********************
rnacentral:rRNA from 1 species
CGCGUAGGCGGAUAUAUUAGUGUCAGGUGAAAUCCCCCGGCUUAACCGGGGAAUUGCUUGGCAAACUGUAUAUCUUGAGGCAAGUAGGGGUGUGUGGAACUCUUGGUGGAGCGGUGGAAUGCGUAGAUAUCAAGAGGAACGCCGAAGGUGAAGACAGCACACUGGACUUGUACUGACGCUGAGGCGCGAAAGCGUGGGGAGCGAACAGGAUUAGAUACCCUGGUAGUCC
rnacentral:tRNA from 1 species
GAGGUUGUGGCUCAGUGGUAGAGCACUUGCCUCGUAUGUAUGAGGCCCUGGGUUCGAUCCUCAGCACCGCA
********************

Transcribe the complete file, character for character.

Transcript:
rnacentral:rRNA from 1 species
CGCGUAGGCGGAUAUAUUAGUGUCAGGUGAAAUCCCCCGGCUUAACCGGGGAAUUGCUUGGCAAACUGUAUAUCUUGAGGCAAGUAGGGGUGUGUGGAACUCUUGGUGGAGCGGUGGAAUGCGUAGAUAUCAAGAGGAACGCCGAAGGUGAAGACAGCACACUGGACUUGUACUGACGCUGAGGCGCGAAAGCGUGGGGAGCGAACAGGAUUAGAUACCCUGGUAGUCC
rnacentral:tRNA from 1 species
GAGGUUGUGGCUCAGUGGUAGAGCACUUGCCUCGUAUGUAUGAGGCCCUGGGUUCGAUCCUCAGCACCGCA